Data centers are an energy intensive industry, but fears over the the energy use of the cloud have been overstated, according to a meeting in Brussels last week.

Data usage is exploding, with more people consuming more video and online services than ever before, but IT energy use is not growing to match that, industry bodies said last week, at a meeting held during the EU’s Sustainable Energy Week, hosted by DigitalEurope, the umbrella body for European It industry bodies. After years of guesswork, experts said, Information is now being gathered which contradicts fears that energy use by data centers and the cloud is out of control.

EU map
EU map – Thinkstock / bymandesigns

Colocation cuts costs

The UK’s colocation sector consumed 2.15TWh of electrical energy during 2015, according to data gathered by the government’s Climate Change Agreement (CCA), a scheme that gives tax breaks to colocation providers who sign up to improve their efficiency.

”We have robust data on the UK colocation market because everyone who is anyone in that market participates in an energy efficiency scheme (the Climate Change Agreement) that requires detailed data on energy use,” said Emma Fryer. She added that the smaller colocation providers in the country probably use less than 0.25 TWh per year between them.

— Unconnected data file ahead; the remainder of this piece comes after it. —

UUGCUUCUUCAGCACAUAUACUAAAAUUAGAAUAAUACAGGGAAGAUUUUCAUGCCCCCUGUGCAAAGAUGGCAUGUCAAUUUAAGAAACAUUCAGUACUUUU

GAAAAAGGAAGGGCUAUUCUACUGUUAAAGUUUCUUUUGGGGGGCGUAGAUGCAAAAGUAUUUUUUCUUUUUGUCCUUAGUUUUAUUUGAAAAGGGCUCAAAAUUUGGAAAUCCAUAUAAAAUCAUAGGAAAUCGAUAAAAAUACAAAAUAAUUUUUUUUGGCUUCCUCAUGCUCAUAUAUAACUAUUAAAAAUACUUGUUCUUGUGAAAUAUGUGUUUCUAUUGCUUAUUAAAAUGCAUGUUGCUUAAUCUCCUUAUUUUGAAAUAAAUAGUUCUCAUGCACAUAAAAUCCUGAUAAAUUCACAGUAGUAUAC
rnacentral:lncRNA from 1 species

There are enterprise data centers, but they are smaller, said Fryer. Even over-estimating the total use at 6GWh, that is still less than 2 percent of the UK’s total electricity use. Given that the UK has Europe’s largest colocation sector by far, that figure will be smaller in other European countries,

Figures from Sweden show smaller energy usage, which is again coupled with a massive expansion in the data stored and carried, according to Jens Malmodin of Sweden. While data traffic has expanded exponentially, the amount of power used by data centers has leveled off, while the demand from end user equipment has actually shrunk, as people have moved from larg screens to smaller devices such as tablets and phones. 

Energy usage grew rapidly in the years before 2008, and then fell because of the recession brought on by the financial crisis. The current fall in energy use is down to improved technology, where servers can handle far more work for the same amount of electrical energy, and greater efficiency, as workloads move from standalone data centers into colocation spaces and the cloud, where resources can be used more effectively. 

Server virtualization and the cloud have promised efficiency savings for a long time, but fresh data is showing that these savings are real, said Steve Strutt, cloud advisor for IBM.